Anglo-American Analytic Philosophy has steadily distanced itself from Continental Philosophy for many reasons, but the defining difference must be with respect to the correlation of meaning with textual intent. Continental Philosophy deconstructs (at least in recent years) and as a phenomenon there is cultural significance to the motivation to tear down the assumptions that we have carefully nurtured from the Enlightenment through to Modernism. Meaning disconnects from words. It slurs. And reinvention is the only persistent motivation.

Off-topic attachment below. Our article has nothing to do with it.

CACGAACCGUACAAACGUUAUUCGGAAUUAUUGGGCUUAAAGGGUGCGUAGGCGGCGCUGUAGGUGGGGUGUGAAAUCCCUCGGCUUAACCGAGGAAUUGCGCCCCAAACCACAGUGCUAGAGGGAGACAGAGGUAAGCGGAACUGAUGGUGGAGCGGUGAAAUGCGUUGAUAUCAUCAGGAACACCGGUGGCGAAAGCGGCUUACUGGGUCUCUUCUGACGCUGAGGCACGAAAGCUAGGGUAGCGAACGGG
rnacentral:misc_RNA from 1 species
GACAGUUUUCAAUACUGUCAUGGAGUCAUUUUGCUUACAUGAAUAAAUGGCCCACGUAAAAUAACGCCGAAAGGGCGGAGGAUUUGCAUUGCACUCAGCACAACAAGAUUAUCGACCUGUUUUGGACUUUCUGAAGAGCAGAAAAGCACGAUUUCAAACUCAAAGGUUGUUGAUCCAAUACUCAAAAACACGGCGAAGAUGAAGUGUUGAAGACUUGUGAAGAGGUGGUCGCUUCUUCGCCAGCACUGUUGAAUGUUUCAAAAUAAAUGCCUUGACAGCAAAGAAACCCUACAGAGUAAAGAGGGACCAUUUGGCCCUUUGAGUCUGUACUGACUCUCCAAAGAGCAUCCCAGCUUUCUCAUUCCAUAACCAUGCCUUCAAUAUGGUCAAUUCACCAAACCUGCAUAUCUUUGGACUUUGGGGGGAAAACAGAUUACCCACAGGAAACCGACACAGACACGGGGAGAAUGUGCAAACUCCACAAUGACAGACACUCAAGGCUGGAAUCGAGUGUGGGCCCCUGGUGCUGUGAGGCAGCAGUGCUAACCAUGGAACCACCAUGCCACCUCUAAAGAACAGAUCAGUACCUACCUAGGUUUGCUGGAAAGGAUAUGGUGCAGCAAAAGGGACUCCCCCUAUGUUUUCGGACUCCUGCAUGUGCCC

Arguably, though, it is only Continental Philosophy that cares about politics and culture, which makes it less abstract and irrelevant than the thumb twiddling of the analytic strain. Modern culture and our claims about significance are the lambs for the slaughterhouse. I thought of that voting in one of California’s ever-present elections today. Simon Critchley carried the water for me with his recent argument that politics is essentially religion (side-note: check out his discussion of Philip K. Dick in the New York Times recently; nothing really new to anyone who has read the VALIS books, but the facts concerning Dick’s later years and death are worth understanding). How is it religion? Because it is easy to redraw the semantic map in Continental Philosophy. Words mean what they are positioned to mean and the positioning is highly variable. The only solidity is in faith-based attachment to a theory of meaning, and politics exemplifies that in a way that is passingly second to religion itself.